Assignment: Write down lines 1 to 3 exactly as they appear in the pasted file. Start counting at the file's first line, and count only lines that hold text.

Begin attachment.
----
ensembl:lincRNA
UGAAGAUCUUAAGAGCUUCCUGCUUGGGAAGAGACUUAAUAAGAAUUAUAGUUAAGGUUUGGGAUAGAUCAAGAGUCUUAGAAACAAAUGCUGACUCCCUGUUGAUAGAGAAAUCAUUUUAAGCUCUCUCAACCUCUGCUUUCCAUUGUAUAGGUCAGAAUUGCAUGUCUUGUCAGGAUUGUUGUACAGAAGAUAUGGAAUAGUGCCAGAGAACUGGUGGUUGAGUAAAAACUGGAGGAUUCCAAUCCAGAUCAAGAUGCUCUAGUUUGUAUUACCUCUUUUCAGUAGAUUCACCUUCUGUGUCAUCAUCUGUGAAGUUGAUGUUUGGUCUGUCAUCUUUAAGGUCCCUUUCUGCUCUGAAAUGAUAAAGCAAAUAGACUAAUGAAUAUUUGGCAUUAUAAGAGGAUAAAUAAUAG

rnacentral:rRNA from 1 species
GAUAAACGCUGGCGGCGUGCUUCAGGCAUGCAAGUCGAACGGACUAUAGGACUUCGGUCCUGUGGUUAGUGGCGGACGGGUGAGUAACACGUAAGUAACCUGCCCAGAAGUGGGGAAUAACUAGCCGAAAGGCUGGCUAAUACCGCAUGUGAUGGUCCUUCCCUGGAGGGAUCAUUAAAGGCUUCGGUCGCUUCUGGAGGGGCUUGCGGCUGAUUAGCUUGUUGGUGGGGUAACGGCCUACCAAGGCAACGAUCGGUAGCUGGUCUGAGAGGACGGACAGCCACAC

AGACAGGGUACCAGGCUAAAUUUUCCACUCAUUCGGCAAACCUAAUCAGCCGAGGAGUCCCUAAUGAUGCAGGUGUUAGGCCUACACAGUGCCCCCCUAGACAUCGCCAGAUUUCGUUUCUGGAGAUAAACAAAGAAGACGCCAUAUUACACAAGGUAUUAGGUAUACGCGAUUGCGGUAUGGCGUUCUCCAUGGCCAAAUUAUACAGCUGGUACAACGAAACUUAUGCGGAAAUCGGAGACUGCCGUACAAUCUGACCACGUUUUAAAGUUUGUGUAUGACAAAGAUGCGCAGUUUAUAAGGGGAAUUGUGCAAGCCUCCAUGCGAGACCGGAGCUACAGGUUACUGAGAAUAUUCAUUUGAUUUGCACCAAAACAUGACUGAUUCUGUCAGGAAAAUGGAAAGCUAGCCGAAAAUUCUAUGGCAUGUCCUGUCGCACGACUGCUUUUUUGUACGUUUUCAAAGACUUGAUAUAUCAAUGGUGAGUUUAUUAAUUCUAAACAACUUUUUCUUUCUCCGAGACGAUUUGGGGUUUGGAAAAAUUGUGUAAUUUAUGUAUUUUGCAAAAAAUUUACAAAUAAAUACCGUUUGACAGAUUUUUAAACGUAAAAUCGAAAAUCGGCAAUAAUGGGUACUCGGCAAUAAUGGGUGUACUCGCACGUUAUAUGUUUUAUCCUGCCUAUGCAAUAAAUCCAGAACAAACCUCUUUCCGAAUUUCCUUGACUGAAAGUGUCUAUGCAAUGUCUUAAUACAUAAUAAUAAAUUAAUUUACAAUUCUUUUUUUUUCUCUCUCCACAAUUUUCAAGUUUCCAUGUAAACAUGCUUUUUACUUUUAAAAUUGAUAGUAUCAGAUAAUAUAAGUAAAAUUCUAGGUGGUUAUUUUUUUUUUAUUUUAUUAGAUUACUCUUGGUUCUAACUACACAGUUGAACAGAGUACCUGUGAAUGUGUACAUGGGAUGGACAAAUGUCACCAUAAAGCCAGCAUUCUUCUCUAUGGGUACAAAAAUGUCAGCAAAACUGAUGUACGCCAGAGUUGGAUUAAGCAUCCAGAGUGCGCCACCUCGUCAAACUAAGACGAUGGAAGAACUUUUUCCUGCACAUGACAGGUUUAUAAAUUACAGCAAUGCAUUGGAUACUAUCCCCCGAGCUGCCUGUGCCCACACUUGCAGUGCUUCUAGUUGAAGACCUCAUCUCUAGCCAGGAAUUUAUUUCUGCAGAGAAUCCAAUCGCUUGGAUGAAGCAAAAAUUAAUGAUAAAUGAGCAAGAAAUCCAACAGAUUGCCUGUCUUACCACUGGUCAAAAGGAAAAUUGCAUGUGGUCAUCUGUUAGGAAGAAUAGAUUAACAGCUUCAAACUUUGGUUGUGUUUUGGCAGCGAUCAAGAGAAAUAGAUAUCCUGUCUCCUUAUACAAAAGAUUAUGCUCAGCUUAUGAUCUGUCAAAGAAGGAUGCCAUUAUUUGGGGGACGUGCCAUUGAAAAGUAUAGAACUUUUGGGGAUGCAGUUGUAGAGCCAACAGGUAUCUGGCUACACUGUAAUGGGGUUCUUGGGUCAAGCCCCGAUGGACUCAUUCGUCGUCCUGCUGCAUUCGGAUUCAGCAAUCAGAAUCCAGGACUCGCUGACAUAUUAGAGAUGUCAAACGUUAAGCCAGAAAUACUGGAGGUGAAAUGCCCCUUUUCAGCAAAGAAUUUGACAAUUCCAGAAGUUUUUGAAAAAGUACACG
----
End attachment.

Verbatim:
ensembl:lincRNA
UGAAGAUCUUAAGAGCUUCCUGCUUGGGAAGAGACUUAAUAAGAAUUAUAGUUAAGGUUUGGGAUAGAUCAAGAGUCUUAGAAACAAAUGCUGACUCCCUGUUGAUAGAGAAAUCAUUUUAAGCUCUCUCAACCUCUGCUUUCCAUUGUAUAGGUCAGAAUUGCAUGUCUUGUCAGGAUUGUUGUACAGAAGAUAUGGAAUAGUGCCAGAGAACUGGUGGUUGAGUAAAAACUGGAGGAUUCCAAUCCAGAUCAAGAUGCUCUAGUUUGUAUUACCUCUUUUCAGUAGAUUCACCUUCUGUGUCAUCAUCUGUGAAGUUGAUGUUUGGUCUGUCAUCUUUAAGGUCCCUUUCUGCUCUGAAAUGAUAAAGCAAAUAGACUAAUGAAUAUUUGGCAUUAUAAGAGGAUAAAUAAUAG

rnacentral:rRNA from 1 species